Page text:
Posted on May 5, 2017
Publication is so important in science that it is referred as the “academic currency” of the scientific world (1). The productivity and prestige of a research team might be established through their publication rate. The latter is also considered when applying for funding and academic promotions. The pressure on academic faculties to publish, as well as research projects increasingly being the product of inter-disciplinary contributions, has led to a growing number of authors being listed on papers and authorship issues have ensued (2).
The International Committee of Medical Journal Editors (ICMJE) (3) recommends that authorship be based on the following 4 criteria:
Guidelines (4) that address authorship issues seem to agree that an author is someone who has made a great contribution to the research and takes responsibility for the published paper. Conversely someone who only provides funding for the paper does not deserve to be listed as an author. Criteria to attribute authorship vary among institutions and research groups or sometimes authorship may be attributed without following any criteria at all. The authors of a paper depend, in the end, on the agreements within the research group.
The order in which the authors are listed in the paper is also important. Typically, the first and the last authors are the most honoured. The first author is, traditionally, the individual who has contributed the most to the research and who also takes responsibility for the paper as a whole. Therefore he or she often receives most of the credit for the published paper but also has primary responsibility if troubles arise. In a large author team, the last author may be the most experienced researcher of the team and the one who guides the research. Traditionally, “being in the middle” is a less desirable position, as the contribution of co-authors listed in the middle may be considered lesser.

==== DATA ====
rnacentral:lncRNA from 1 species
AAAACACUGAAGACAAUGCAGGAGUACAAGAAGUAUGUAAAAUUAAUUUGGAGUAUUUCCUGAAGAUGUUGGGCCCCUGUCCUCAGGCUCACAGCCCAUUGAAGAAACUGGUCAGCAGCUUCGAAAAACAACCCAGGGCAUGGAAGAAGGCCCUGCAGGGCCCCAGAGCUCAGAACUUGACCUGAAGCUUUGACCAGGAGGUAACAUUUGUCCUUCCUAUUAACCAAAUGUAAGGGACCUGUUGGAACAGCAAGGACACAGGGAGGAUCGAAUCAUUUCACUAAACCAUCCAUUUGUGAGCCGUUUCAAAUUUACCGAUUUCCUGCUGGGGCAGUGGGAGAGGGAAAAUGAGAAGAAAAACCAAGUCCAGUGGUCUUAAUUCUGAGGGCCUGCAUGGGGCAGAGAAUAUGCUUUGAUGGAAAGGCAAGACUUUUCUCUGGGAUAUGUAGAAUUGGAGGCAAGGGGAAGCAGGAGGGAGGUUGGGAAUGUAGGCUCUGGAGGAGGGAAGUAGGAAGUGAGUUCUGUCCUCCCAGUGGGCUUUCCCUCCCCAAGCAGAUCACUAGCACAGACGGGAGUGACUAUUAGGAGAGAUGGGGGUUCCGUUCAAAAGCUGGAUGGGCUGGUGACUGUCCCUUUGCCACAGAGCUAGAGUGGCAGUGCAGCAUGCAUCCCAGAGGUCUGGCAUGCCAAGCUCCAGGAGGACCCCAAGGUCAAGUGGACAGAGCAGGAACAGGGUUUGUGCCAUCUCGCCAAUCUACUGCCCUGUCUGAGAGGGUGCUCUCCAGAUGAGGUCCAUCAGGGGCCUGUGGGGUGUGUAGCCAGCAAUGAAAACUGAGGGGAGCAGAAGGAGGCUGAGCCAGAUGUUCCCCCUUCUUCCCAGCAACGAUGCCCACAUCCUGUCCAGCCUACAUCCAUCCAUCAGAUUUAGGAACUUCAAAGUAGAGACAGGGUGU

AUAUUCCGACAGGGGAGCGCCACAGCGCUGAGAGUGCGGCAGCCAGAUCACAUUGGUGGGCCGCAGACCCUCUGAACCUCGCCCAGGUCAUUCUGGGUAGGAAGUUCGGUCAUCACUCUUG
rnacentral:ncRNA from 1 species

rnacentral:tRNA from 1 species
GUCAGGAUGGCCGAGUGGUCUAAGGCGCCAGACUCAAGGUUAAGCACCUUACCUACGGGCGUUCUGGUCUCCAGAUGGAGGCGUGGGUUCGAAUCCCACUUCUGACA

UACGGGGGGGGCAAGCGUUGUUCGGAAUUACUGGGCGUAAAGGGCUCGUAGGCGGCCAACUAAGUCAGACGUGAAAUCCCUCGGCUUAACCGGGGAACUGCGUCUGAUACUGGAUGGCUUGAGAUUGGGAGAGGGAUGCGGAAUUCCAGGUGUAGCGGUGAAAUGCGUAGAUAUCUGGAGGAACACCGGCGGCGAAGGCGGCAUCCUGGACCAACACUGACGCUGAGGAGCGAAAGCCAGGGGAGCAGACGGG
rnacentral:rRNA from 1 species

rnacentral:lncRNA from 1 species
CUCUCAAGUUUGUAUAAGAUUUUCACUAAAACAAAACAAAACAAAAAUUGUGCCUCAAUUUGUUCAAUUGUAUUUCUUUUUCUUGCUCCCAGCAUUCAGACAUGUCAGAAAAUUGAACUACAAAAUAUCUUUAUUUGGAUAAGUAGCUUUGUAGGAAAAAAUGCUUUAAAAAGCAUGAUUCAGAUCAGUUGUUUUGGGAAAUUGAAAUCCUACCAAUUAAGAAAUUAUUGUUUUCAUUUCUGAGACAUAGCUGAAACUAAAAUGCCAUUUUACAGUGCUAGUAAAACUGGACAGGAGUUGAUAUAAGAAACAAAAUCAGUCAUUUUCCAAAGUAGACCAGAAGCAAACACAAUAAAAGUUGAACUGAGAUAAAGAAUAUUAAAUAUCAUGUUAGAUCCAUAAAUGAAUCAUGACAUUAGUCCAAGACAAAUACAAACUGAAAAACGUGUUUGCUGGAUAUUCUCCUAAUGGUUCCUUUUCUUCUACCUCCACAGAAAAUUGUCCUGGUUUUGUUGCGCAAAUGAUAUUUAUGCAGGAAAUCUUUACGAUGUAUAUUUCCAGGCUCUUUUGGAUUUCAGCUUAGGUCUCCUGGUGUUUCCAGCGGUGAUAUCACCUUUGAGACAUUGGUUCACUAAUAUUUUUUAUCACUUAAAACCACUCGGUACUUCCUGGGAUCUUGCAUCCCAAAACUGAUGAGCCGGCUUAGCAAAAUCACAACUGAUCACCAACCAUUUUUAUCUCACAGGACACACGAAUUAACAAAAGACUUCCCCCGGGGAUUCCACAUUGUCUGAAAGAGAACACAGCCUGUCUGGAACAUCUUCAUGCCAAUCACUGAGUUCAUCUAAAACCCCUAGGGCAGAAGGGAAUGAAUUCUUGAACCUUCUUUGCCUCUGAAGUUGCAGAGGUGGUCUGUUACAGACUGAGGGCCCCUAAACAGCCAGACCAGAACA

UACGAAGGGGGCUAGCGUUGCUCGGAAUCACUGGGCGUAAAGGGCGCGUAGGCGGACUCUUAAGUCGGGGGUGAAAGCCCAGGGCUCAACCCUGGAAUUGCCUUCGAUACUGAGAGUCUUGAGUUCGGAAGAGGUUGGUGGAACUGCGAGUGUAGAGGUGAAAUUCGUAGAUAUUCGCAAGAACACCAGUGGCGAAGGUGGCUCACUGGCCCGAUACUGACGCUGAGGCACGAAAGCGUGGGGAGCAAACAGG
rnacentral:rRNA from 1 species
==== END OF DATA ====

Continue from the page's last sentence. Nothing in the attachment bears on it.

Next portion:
The corresponding author communicates with the journal during the publication process and is contacted for further notifications. Usually, the author who is listed first or last will serve as the corresponding author. An “honorary author” refers to someone who is listed as an author for convenience but who does not meet formal authorship criteria. On the other hand, a “ghost author” is someone who has contributed to the research, meets the criteria to be an author, but doesn’t feature in the list of authors in the published paper.
Despite guidelines, it is not always obvious how to resolve the authorship problem. Some journals now report the specific contribution of each author or they explicitly indicate an equal contribution of the authors. The “co-first author” phenomenon is a trend in recognition of authors; whereby the “first-author credit” is given to more than one author (6).
Finally, undergraduate students should be aware that publications are crucial for a researcher’s career. An undergraduate student can be an author of a paper but it depends on the student’s proactivity. Often, students may do the drill work in a research lab, but a generous tutor might appreciate the initiative of a student to design a project, to participate in its intellectual discussions and even draft a manuscript.